The Experience of Being a Trainee Clinical Psychologist From a Black and Minority Ethnic Group: A Qualitative Study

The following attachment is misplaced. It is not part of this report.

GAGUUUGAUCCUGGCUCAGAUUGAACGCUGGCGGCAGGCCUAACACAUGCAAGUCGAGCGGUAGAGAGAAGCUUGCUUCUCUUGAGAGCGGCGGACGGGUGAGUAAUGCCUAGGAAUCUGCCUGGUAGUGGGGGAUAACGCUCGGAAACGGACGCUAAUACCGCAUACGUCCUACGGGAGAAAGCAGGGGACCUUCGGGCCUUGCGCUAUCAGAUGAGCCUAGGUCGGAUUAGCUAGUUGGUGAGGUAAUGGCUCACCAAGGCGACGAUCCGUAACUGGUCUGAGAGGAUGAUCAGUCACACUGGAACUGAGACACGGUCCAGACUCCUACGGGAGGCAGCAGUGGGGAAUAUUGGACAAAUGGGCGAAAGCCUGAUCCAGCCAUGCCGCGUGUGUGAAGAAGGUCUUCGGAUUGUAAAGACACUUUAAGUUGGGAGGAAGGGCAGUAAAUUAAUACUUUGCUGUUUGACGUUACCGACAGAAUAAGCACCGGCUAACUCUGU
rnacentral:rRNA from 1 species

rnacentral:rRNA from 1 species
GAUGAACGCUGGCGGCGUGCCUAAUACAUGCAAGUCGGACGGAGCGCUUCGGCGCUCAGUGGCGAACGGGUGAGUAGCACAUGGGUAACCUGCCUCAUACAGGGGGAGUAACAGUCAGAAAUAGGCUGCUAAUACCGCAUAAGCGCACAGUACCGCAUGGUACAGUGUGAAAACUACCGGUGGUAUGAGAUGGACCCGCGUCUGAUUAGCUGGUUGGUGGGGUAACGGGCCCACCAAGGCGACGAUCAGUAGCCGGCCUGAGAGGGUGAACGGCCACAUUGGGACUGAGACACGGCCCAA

Aim: The existing evidence-base indicates that the experience of being a Black and Minority Ethnic (BME) trainee clinical psychologist is under-researched. The aim of the current study was to capture the broader training experiences of BME trainee clinical psychologists. The impact of potential personal and professional experiences that may arise for BME trainee clinical psychologists may be important for course tutors and clinical supervisors to explore with them in relation to personal and professional development. Thus, it is hoped that the findings of the current study will raise an increased awareness within the clinical psychology training courses, of their needs, perspectives and experiences. Method: A qualitative approach was adopted for this study. Semi-structured interviews were conducted with nine BME trainee clinical psychologists. The accounts were analysed using IPA, which attempts to illuminate the lived experience of a phenomenon for small samples of individuals. Results: The analytic procedure highlighted five main themes which emerged from participants’ accounts: The hardship of not being White, The challenge of negotiating multiple identities, Challenges and dilemmas of highlighting race and culture issues, The versatility that comes with being a BME trainee and Finding connections and safe places. Implications: Current initiatives to attract more applicants from BME groups need to be considered in the context of wider structural experiences of power and difference in relation to race, ethnicity and culture that operate in the training arena. Courses need to explicitly state their commitment to supporting trainees from BME groups with regards to their experiences of difference. Emphasis should be placed on personal and professional development of all trainees and needs to include work on privilege, social disadvantage, and racism. Programmes should also undertake a commitment to training course staff and supervisors in relation to race issues in the context of training.
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